News for the Church, 10/29/21

Good morning to you, Church!

It’s real fall out there– nippy and frosty this morning! Thankfully the sun is shining today, but jack frost is still frolicking in the shaded areas. 

It’s a sure sign that winter is on its way. Are you ready for it? I hope you’ve located your ice scraper and that you’re beginning to button up your homes for the cold weather coming. (I’ve got the wood stove going this morning in our house, so it’s toasty warm.) 

Here are this week’s announcements: 

Last Week’s Big Shift Conversation

Last week we had 18 people stay for our second Big Shift conversation, and it went well. This time we talked about harder things. We brainstormed possible ideas for what we might do to alleviate the financial strain of living in a building beyond our financial means. Here were some of our ideas: 

Could we sell the whole building and meet as a church in a different (less expensive) location? 

Could we sell the sanctuary and keep the community center, and meet as a congregation in the center? 

Could we raise enough money to create an endowment that would keep the building going? 

Could we sell our organ and use the money to start that endowment? Or sell the organ and stay in the building for a few more years? 

Could we find other congregations that might want to move into our building and split the costs of maintaining it? 

We don’t get to know right now which of these ideas might be the right choice for us, but at least we’re starting to think about it. Dick Lunt, who has attended a Quaker church with his wife Lora for many decades, explained to us that their Quaker congregation has lived its life in Potsdam for over 50 years without actually owning a building. Over the years they have met at the Newman Center, our church building, and are currently housed in the Christian Science Church’s building. In his explanation to us of how the Quaker church operates, he offered a model for how we might be able to find a different way for ourselves in the future.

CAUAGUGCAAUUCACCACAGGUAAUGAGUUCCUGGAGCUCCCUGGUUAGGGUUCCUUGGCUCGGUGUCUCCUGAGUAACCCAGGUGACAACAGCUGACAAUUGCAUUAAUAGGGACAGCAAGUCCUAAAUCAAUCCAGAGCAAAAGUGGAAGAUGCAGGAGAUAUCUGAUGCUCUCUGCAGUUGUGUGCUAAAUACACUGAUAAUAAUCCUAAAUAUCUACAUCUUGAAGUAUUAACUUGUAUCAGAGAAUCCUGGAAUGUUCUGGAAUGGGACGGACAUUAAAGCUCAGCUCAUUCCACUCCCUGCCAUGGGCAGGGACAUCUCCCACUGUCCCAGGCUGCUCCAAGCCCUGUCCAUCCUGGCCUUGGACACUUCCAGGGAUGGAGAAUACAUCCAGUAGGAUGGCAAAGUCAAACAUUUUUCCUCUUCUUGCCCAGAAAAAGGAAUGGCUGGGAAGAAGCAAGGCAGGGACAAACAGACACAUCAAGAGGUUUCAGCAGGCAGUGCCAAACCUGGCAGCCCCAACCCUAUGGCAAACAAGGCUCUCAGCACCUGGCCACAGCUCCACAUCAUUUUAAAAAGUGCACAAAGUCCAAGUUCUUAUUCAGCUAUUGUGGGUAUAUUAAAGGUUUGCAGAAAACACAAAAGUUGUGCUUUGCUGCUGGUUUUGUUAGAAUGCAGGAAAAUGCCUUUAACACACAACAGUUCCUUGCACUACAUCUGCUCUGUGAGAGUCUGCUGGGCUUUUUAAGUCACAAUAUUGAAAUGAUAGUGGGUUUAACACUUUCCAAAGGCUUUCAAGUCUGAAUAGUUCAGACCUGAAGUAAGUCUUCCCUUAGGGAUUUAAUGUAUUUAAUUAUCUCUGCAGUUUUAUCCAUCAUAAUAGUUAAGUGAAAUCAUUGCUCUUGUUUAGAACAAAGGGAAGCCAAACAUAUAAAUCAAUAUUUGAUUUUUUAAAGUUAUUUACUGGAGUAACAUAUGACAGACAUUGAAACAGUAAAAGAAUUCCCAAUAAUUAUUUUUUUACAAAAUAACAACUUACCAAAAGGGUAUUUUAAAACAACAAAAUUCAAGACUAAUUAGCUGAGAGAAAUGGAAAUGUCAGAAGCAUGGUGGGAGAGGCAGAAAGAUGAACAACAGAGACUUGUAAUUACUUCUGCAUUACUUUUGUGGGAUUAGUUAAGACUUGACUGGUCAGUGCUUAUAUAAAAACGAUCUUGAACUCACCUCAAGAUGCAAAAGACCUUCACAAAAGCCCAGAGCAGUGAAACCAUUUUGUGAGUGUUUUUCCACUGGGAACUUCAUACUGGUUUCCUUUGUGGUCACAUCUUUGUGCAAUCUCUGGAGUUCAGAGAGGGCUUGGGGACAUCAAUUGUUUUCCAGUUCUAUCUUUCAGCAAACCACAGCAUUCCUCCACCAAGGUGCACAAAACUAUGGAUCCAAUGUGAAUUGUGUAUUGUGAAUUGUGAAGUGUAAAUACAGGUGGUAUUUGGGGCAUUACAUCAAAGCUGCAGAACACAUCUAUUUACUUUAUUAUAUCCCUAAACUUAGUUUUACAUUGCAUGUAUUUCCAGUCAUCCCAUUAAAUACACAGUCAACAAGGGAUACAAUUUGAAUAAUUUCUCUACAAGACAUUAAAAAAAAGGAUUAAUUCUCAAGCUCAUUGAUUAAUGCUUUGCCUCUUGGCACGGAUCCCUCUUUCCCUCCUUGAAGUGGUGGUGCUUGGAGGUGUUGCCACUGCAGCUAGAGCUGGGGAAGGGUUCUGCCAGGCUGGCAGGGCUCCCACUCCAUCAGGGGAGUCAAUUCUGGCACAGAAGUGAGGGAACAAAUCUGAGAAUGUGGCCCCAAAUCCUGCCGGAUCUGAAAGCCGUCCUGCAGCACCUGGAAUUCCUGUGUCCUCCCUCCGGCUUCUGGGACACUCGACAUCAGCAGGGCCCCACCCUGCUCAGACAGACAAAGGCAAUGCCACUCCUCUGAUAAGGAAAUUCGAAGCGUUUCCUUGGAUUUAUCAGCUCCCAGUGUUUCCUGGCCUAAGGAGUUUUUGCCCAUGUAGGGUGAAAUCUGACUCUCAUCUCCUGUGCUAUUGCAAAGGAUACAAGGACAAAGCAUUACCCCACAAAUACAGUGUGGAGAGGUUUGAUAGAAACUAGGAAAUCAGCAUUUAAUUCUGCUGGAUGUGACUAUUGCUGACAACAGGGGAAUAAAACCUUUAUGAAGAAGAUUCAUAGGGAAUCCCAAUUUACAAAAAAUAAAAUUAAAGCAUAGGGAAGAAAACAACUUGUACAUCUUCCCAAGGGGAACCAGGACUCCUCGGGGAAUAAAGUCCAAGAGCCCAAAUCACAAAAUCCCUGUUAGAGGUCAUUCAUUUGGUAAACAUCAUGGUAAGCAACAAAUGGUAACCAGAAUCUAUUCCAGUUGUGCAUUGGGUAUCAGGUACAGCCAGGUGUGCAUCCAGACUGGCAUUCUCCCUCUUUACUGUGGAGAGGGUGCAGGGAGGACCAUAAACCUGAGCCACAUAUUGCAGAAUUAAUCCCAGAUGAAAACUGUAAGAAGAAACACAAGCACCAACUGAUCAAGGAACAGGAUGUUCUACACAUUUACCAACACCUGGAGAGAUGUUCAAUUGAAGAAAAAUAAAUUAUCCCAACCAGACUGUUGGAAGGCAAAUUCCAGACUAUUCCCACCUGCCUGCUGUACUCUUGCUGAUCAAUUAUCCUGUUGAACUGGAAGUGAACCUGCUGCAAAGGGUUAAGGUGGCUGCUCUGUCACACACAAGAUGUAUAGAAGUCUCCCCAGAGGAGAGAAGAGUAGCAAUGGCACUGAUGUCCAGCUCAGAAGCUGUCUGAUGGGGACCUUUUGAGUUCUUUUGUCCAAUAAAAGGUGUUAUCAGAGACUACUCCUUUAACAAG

At our meeting we also talked about our finances. Back in December of 2020, Session put together a budget for this year. Because there were so many unknowns with Covid at the time, we planned for a worst-case scenario, which included an $80,000 deficit. Thankfully, now that most of 2021 is over, we’ve discovered that our deficit currently stands at less than $10,000 for the year (with two more months of the year to go). This is good news!! Because we haven’t been spending our assets at such a high rate, it means we will have more time to figure things out. At the beginning of 2021, it looked like we had a 2-3 year time frame to make a substantive shift, but that time line extends further when we don’t dip into our endowment at such a high rate. 

One thing we do know is that our deficit spending will increase by about $25,000 at some point in the “near” future. Currently, because of my physical conditions, the PC(USA)’s Board of Pensions offers me disability pay, which offsets my part-time pay from the church. (This has been a contributing factor to our lower deficit spending than was anticipated.) I don’t know yet when I will be able to return to full time work, but when I do, I will go off of disability and the church will have to pay for my entire salary. In the meantime, we give thanks for this financial silver-lining, which has cushioned our finances! 

During our meeting, a woman who has recently started attending, brought up the possibility of inviting more folks to join our congregation. She had some helpful ideas to offer– like starting up with Sunday School again! (She and I are on the same brain wave!) Right now however, because of Covid, we’ve had to put this idea on hold. But she’s definitely right! We can work towards inviting new folks to join our family. My hope is that when the Delta virus dies down we will be able to make a concerted effort towards this goal.